Refereeing and Judging. Professor Richard McLaren has made great strides on vetting IBA’s officials, and it’s proven by the best international expert that IBA’s sporting integrity is achieved. There weren’t any Referees and Judges (R&Js) mistakes at any of the IBA World Boxing Championships and other IBA sanctioned events, as the best referees and judges were involved. The IOC has received all these reports and we eagerly await their acknowledgement of these reports by Professor McLaren’s team.

Denying the fact of IBA’s significant progress is simply an egregious error in not acknowledging the truth of the matter. IBA is not creating a PR picture that does not exist; in fact, we are simply communicating our progress and steps towards it. Not acknowledging it, raises the fair question of why. All the IOC criticism is done in a manner to discredit the leading experts who have worked on the previous reports and investigations within the Olympic movement, which is deplorable.  

We are now forced to publicly ask for details on what governance shortfalls will quench the IOC’s continued thirst to persecute our organization and its athletes. In fact, the Olympic Charter** doesn’t read that person’s nationality should stop them from being able to democratically serve their organization. Values and human rights are not an “á la carte” option where we pick and choose who gets and who doesn’t get them.

IBA is open for dialogue and guidance and reiterates its full support for its athletes and coaches, as well as National Federations. We have built a foundation for a stable future, and we are going to continue making every effort to ensure that our athletes have a home in our boxing family and the Olympic Games.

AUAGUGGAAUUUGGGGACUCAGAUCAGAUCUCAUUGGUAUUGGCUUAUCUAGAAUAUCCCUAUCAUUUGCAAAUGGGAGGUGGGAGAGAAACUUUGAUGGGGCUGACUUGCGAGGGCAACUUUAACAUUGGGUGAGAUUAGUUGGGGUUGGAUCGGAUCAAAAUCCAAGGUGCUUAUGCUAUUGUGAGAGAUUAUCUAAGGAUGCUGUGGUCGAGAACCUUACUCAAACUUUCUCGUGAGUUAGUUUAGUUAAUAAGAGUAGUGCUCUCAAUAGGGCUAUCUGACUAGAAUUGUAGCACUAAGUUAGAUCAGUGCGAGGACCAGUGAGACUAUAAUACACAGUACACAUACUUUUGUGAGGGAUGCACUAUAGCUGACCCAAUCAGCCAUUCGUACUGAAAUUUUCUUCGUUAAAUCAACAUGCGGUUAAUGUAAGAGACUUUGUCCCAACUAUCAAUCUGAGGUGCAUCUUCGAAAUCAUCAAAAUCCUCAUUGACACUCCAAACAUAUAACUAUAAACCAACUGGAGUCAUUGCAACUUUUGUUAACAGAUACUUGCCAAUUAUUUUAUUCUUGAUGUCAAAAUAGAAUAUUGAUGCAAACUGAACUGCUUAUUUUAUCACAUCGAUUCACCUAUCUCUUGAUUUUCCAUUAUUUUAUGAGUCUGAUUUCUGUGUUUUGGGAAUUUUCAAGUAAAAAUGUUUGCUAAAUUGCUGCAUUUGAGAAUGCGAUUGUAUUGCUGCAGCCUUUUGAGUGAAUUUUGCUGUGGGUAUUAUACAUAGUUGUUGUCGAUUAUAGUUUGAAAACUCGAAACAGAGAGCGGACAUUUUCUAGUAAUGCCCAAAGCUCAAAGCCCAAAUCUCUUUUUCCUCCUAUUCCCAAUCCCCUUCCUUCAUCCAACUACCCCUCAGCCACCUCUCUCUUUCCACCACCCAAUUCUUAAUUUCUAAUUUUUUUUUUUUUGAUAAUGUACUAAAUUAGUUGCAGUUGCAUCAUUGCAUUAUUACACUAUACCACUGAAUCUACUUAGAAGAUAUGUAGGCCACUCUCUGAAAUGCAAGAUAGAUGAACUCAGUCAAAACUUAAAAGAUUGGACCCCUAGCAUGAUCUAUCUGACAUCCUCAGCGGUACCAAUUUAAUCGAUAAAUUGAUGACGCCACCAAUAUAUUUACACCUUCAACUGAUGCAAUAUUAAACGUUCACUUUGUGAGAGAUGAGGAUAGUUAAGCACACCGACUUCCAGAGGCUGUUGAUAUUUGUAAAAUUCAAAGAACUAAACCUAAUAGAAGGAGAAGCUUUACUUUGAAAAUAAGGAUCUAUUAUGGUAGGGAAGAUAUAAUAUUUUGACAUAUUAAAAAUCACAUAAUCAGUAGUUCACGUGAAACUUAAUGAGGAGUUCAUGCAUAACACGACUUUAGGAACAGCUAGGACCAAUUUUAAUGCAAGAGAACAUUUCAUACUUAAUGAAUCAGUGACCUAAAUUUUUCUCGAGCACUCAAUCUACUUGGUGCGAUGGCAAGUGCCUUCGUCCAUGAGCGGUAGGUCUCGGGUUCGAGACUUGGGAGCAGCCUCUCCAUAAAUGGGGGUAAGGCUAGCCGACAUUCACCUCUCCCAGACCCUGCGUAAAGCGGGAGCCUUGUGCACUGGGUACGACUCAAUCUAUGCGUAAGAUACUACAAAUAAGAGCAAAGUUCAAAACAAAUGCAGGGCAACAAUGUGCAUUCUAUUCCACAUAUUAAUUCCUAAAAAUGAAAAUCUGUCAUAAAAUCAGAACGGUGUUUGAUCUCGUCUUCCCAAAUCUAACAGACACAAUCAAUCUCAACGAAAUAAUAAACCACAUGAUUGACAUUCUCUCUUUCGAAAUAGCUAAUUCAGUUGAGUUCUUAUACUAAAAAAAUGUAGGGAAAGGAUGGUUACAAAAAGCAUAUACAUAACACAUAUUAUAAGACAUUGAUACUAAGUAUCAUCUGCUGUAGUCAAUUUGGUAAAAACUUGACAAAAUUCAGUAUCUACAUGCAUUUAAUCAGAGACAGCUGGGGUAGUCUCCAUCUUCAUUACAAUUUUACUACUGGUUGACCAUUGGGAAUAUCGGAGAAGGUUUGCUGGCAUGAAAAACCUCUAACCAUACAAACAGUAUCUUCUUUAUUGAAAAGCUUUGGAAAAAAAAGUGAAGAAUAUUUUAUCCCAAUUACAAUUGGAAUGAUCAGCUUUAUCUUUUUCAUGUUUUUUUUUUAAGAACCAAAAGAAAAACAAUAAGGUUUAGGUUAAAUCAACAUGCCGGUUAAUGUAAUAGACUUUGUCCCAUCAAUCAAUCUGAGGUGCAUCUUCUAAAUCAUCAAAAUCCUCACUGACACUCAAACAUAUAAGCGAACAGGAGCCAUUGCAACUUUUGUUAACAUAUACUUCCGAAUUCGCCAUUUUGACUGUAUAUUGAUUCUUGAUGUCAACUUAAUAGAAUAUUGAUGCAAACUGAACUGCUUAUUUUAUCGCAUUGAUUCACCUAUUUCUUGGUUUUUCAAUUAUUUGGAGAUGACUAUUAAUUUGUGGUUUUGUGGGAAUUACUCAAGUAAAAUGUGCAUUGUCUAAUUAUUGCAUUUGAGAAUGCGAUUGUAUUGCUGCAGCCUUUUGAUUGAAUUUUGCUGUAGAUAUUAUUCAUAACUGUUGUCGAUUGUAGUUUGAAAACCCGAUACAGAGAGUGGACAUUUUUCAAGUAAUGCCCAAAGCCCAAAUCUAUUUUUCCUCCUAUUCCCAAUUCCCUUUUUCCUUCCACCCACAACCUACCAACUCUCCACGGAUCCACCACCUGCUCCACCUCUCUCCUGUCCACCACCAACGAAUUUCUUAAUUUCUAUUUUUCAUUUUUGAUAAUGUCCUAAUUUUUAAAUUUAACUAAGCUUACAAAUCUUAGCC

These are IBA’s facts. IBA is looking forward to receiving the facts from the IOC in terms of what has not been achieved by IBA in order to avoid any ambiguity in the IOC’s PR.


You can read the full statement here.



*You can read complete information about the IBA Governance Reforms below:

June 2021. IBA Board decided to appoint an independent expert group (the Governance Reform Group – “GRG”) chaired by prof. Ulrich Haas to assess IBA’s governance, to elaborate recommendations and to assist in the implementation of such recommendations. The GRG issued its recommendations to reform IBA’s governance on 15 November 2021. The Recommendations were adopted by the Board on 26 November 2021 and by the IBA Congress on 12 December 2021. As from December 2021 GRG accompanied, monitored and advised IBA on various steps to implement the Recommendations. GRG attended different IBA events, including IBA Congress in Istanbul in May 2022, and the meeting of the IBA Board. On 25 August 2022, GRG issued its report on implementation of the Recommendations, according to which most of recommendations are already implemented or in progress.

July 2021. ASOIF report ranks IBA’s governance structure prominently in Group A2. The IOC has acknowledged in its letter of 14 September 2021 that the reform process undertaken by AIBA is “a step forward in the direction of better governance, which is illustrated in the ASOIF’s survey results”.